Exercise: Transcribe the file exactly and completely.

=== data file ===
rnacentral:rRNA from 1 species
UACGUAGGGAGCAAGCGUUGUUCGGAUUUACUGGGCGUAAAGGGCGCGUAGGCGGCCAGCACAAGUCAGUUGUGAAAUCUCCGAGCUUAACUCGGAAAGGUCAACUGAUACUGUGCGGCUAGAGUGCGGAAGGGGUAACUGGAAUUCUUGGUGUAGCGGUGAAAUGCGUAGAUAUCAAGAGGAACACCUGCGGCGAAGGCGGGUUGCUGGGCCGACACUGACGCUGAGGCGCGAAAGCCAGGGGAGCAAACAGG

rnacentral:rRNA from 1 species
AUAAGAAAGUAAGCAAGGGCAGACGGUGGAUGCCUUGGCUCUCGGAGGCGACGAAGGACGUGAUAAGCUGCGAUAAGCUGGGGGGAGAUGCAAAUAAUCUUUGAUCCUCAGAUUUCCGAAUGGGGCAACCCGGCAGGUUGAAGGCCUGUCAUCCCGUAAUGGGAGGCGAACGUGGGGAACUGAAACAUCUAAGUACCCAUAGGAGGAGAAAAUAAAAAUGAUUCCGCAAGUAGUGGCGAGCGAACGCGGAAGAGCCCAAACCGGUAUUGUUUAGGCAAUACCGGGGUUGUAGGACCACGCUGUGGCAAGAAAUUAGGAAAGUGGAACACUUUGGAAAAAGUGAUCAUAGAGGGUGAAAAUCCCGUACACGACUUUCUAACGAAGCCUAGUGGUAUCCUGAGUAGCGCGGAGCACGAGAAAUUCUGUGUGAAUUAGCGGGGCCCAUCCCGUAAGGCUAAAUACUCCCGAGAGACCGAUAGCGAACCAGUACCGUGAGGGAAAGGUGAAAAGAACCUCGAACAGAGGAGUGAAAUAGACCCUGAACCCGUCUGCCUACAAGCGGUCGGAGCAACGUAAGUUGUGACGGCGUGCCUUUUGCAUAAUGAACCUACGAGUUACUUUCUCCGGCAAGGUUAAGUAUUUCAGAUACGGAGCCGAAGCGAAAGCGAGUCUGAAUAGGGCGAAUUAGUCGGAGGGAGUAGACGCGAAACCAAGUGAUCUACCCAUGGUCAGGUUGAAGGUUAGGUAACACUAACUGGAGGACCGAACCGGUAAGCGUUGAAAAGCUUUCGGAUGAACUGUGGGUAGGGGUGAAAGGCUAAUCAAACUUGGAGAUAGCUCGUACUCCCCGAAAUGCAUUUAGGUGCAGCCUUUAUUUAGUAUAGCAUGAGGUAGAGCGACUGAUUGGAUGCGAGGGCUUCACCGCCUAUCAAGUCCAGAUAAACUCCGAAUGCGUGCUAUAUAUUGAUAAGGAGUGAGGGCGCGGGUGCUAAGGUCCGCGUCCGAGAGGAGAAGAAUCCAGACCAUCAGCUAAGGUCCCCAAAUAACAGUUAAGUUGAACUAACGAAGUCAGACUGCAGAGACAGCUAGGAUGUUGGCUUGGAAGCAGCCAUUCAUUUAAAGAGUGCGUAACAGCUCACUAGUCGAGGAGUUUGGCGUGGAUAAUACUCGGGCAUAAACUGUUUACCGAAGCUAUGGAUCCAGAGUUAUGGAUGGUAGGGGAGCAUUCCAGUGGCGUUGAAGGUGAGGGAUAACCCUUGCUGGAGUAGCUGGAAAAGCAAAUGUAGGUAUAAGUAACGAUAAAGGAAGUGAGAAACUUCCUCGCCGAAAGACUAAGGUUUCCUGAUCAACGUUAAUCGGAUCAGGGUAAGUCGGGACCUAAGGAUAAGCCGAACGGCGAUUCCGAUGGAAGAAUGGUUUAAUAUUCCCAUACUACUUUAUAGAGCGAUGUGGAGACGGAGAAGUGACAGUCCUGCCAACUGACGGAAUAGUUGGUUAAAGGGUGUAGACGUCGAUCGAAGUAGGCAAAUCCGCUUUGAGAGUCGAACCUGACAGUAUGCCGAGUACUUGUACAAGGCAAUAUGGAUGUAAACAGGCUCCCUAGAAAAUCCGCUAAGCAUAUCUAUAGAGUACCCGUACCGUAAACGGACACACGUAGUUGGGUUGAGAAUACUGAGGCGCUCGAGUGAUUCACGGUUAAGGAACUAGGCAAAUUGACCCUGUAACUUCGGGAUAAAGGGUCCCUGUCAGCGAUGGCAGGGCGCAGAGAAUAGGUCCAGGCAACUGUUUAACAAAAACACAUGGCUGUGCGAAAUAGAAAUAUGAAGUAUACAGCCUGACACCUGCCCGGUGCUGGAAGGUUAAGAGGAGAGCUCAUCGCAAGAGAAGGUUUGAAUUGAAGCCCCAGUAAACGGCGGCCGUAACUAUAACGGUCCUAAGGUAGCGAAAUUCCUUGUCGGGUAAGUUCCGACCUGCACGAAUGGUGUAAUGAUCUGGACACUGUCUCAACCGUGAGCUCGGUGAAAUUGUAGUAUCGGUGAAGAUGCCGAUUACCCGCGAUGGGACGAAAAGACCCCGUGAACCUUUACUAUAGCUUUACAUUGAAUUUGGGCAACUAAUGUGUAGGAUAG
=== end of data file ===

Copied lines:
rnacentral:rRNA from 1 species
UACGUAGGGAGCAAGCGUUGUUCGGAUUUACUGGGCGUAAAGGGCGCGUAGGCGGCCAGCACAAGUCAGUUGUGAAAUCUCCGAGCUUAACUCGGAAAGGUCAACUGAUACUGUGCGGCUAGAGUGCGGAAGGGGUAACUGGAAUUCUUGGUGUAGCGGUGAAAUGCGUAGAUAUCAAGAGGAACACCUGCGGCGAAGGCGGGUUGCUGGGCCGACACUGACGCUGAGGCGCGAAAGCCAGGGGAGCAAACAGG

rnacentral:rRNA from 1 species
AUAAGAAAGUAAGCAAGGGCAGACGGUGGAUGCCUUGGCUCUCGGAGGCGACGAAGGACGUGAUAAGCUGCGAUAAGCUGGGGGGAGAUGCAAAUAAUCUUUGAUCCUCAGAUUUCCGAAUGGGGCAACCCGGCAGGUUGAAGGCCUGUCAUCCCGUAAUGGGAGGCGAACGUGGGGAACUGAAACAUCUAAGUACCCAUAGGAGGAGAAAAUAAAAAUGAUUCCGCAAGUAGUGGCGAGCGAACGCGGAAGAGCCCAAACCGGUAUUGUUUAGGCAAUACCGGGGUUGUAGGACCACGCUGUGGCAAGAAAUUAGGAAAGUGGAACACUUUGGAAAAAGUGAUCAUAGAGGGUGAAAAUCCCGUACACGACUUUCUAACGAAGCCUAGUGGUAUCCUGAGUAGCGCGGAGCACGAGAAAUUCUGUGUGAAUUAGCGGGGCCCAUCCCGUAAGGCUAAAUACUCCCGAGAGACCGAUAGCGAACCAGUACCGUGAGGGAAAGGUGAAAAGAACCUCGAACAGAGGAGUGAAAUAGACCCUGAACCCGUCUGCCUACAAGCGGUCGGAGCAACGUAAGUUGUGACGGCGUGCCUUUUGCAUAAUGAACCUACGAGUUACUUUCUCCGGCAAGGUUAAGUAUUUCAGAUACGGAGCCGAAGCGAAAGCGAGUCUGAAUAGGGCGAAUUAGUCGGAGGGAGUAGACGCGAAACCAAGUGAUCUACCCAUGGUCAGGUUGAAGGUUAGGUAACACUAACUGGAGGACCGAACCGGUAAGCGUUGAAAAGCUUUCGGAUGAACUGUGGGUAGGGGUGAAAGGCUAAUCAAACUUGGAGAUAGCUCGUACUCCCCGAAAUGCAUUUAGGUGCAGCCUUUAUUUAGUAUAGCAUGAGGUAGAGCGACUGAUUGGAUGCGAGGGCUUCACCGCCUAUCAAGUCCAGAUAAACUCCGAAUGCGUGCUAUAUAUUGAUAAGGAGUGAGGGCGCGGGUGCUAAGGUCCGCGUCCGAGAGGAGAAGAAUCCAGACCAUCAGCUAAGGUCCCCAAAUAACAGUUAAGUUGAACUAACGAAGUCAGACUGCAGAGACAGCUAGGAUGUUGGCUUGGAAGCAGCCAUUCAUUUAAAGAGUGCGUAACAGCUCACUAGUCGAGGAGUUUGGCGUGGAUAAUACUCGGGCAUAAACUGUUUACCGAAGCUAUGGAUCCAGAGUUAUGGAUGGUAGGGGAGCAUUCCAGUGGCGUUGAAGGUGAGGGAUAACCCUUGCUGGAGUAGCUGGAAAAGCAAAUGUAGGUAUAAGUAACGAUAAAGGAAGUGAGAAACUUCCUCGCCGAAAGACUAAGGUUUCCUGAUCAACGUUAAUCGGAUCAGGGUAAGUCGGGACCUAAGGAUAAGCCGAACGGCGAUUCCGAUGGAAGAAUGGUUUAAUAUUCCCAUACUACUUUAUAGAGCGAUGUGGAGACGGAGAAGUGACAGUCCUGCCAACUGACGGAAUAGUUGGUUAAAGGGUGUAGACGUCGAUCGAAGUAGGCAAAUCCGCUUUGAGAGUCGAACCUGACAGUAUGCCGAGUACUUGUACAAGGCAAUAUGGAUGUAAACAGGCUCCCUAGAAAAUCCGCUAAGCAUAUCUAUAGAGUACCCGUACCGUAAACGGACACACGUAGUUGGGUUGAGAAUACUGAGGCGCUCGAGUGAUUCACGGUUAAGGAACUAGGCAAAUUGACCCUGUAACUUCGGGAUAAAGGGUCCCUGUCAGCGAUGGCAGGGCGCAGAGAAUAGGUCCAGGCAACUGUUUAACAAAAACACAUGGCUGUGCGAAAUAGAAAUAUGAAGUAUACAGCCUGACACCUGCCCGGUGCUGGAAGGUUAAGAGGAGAGCUCAUCGCAAGAGAAGGUUUGAAUUGAAGCCCCAGUAAACGGCGGCCGUAACUAUAACGGUCCUAAGGUAGCGAAAUUCCUUGUCGGGUAAGUUCCGACCUGCACGAAUGGUGUAAUGAUCUGGACACUGUCUCAACCGUGAGCUCGGUGAAAUUGUAGUAUCGGUGAAGAUGCCGAUUACCCGCGAUGGGACGAAAAGACCCCGUGAACCUUUACUAUAGCUUUACAUUGAAUUUGGGCAACUAAUGUGUAGGAUAG